We are taking a combined genetic, molecular, and structural approach toward understanding the control of ovule development in higher plants. We are currently using Arabidopsis thaliana as as a model system to identify genes affecting this process. Through characterization of the mutant phenotypes and epistatic relationship among the genes we can propose hypothesis on the functions and interactions of the mutated genes. By combining this information with that gained from studies in other groups we have propose a working model of the genetic regulation of ovule development. This model will be refined (or corrected) through ongoing studies of the current mutants, isolation and characterization of clones of the corresponding genes, and analysis of newly isolated genes.
We using information derived from our analysis of the regulation of ovule development in the model plant Arabidopsis thaliana to study the nature of the changes that resulted in the variety of ovule forms in extant angiosperms. In one project we are studying the derivation of unitegmy (one integument) from bitegmy (two integuments) in the Impatiens. Impatiens is especially suitable for these studies because it includes unitegmic and bitegmic species, as well as species with an apparent intermediate state.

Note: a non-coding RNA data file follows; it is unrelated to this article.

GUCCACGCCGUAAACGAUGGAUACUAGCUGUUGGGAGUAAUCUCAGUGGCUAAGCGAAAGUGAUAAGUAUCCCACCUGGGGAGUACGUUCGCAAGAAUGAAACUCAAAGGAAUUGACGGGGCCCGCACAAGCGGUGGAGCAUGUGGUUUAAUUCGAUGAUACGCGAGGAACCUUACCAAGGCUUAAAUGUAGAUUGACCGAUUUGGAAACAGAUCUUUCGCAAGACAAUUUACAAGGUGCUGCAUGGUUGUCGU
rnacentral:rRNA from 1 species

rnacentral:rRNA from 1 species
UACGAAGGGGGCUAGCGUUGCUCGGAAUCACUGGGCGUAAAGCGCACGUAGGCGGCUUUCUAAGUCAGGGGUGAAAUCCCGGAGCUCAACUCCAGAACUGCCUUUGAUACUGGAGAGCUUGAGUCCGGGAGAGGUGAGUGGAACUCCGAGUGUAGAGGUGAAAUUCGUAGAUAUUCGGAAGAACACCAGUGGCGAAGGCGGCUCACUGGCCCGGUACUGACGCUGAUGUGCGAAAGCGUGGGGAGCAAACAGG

In collaboration with Daniel Nickrent of Southern Illinois University at Carbondale we are examining the extreme reduction in ovules of members of the order Santalales, which includes mostly parasitic plants. The Santalales includes species with bitegmic (two integuments) ovules but also has members with one or both integuments absent (unitegmic or ategmic respectively). In the most extreme reduction, ovules appear to be absent, never emerging from the placental tissues, and the embryo sac appears to develop directly within the placenta.
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Pages created by Shawn C. Baker and Charles S. Gasser, with extensive help from the rest of the lab.